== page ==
Developing an entrepreneurial culture
Developing an entrepreneurial culture is a huge labour market challenge. With high unemployment and large organisations shedding jobs, creating sustainable employment is vital. So many organisations have downsized, reducing their staff to an extent that will never be upped to earlier levels. Who will be creating sustainable employment in the long term? We have to develop an entrepreneurial class in SA. Mature organisations looking to compete in global markets are not creating new and higher levels of employment locally other than non-core and informal work.
We have to improve the level of diversity at senior executive level. This is allied to black economic empowerment, an imperative which needs to expand in scope and inclusiveness. In both areas, HR and executives have a key role to play to shift our organisational paradigm from compliance to commitment. Employment equity plans focus on meeting targets and timetables. An enduring challenge is to change the institutional culture of our organisations. We can achieve targets but if we are not changing the culture we won’t achieve external competitiveness. We cannot readily compete in the market place if we do not have cooperation and development in the workplace.
Aligning market driven human resource initiatives
Traditionally one thinks of employment relations largely as a two way relationship between management and employees. A more strategic view is to start with the external market. We must align whatever we do on the inside and how we do it to ensure that a customer will buy and keep buying our products or services. Employment growth and decent work are in part a function of customer demand for what firms do. Human resources management tends to forget this. There’s an overemphasis on our management employee relationship. We must therefore have an external focus. Here are some key points:
1. Customer alignment: what are we doing to attract, motivate and retain employees to achieve good customer service? Leading retail firms like Pick n Pay have focused on this and their employee development is key.
2. Leadership and talent management alignment: the extent to which HR practices are playing a role in identifying potential leaders and developing them in an innovative and strategic way.
3. Performance alignment: the extent to which performance management and reward systems explicitly align to the values of business objectives and priorities. Traditionally these have been developed in isolation.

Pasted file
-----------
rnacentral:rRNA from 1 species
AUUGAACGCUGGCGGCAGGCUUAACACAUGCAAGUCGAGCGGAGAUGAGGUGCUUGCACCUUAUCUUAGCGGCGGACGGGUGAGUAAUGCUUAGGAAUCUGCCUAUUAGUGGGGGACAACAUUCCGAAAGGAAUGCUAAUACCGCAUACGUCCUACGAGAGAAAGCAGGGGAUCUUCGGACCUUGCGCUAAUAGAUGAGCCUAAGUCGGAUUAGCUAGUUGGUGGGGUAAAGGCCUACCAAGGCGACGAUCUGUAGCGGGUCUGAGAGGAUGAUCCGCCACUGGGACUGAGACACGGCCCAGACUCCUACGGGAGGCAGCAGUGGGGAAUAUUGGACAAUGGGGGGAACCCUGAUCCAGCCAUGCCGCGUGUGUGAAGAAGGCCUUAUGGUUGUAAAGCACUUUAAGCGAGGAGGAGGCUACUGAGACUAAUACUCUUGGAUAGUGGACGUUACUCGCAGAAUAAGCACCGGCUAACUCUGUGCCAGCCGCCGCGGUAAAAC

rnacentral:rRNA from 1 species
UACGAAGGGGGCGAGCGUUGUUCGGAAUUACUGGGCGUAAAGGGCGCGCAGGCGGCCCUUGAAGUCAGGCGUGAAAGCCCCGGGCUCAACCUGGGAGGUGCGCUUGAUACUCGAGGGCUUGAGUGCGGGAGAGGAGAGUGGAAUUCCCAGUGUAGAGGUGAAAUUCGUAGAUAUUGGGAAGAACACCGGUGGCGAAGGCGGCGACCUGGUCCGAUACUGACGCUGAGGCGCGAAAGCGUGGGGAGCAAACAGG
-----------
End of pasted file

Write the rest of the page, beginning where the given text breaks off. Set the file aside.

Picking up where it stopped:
4. Culture alignment: change management and leadership practices are inclusive and engaging participatively with the organisation’s priorities.
HR as a profession needs to address these challenges more insightfully and through bodies like the SA Board for Personnel Practice, and IPM, universities and universities of technology’s HR education, HR has established a code of professional ethics, a knowledge base and a set of competencies. Its one thing to have all the right academic qualifications, this does not guarantee HR leadership. There are a lot of HR practitioners (even an oversupply at entry level) but not enough HR leaders who’ve established credibility at board level. There is a challenge ahead to improve the credibility of HR. The profession needs to have people in it who are passionate and not just visionaries but missionaries! It is the missionaries who make things happen.
HR practitioners have to understand the following key challenges:
• They have to have a fundamental knowledge of business , they must have financial, strategic and technological capability
• They must have knowledge of state of the art HR practices
• They must move beyond change management and to change leadership , creating a new culture
• They must have a problem solving capability
• They must be willing to embrace the challenge of transformation
Innovative HR are constantly investigating and adapting leading practices that might help achieve competitive advantage, and work on how to reinvent and apply these in their own context. Like Cisco systems, they will look for new and creative ways to attract, motivate and retain people. HR are good at benchmarking, it helps them to catch up with what the leaders are doing.
HR must develop a unique value proposition, just as companies have a product brand and the real strategic challenge is to create an employer brand where the labour market will perceive the organisation as an employer of choice. It is seen to be offering something different that can’t easily be replicated by competitors. Rewards, employment equity, black economic empowerment are all a means to developing a unique value proposition.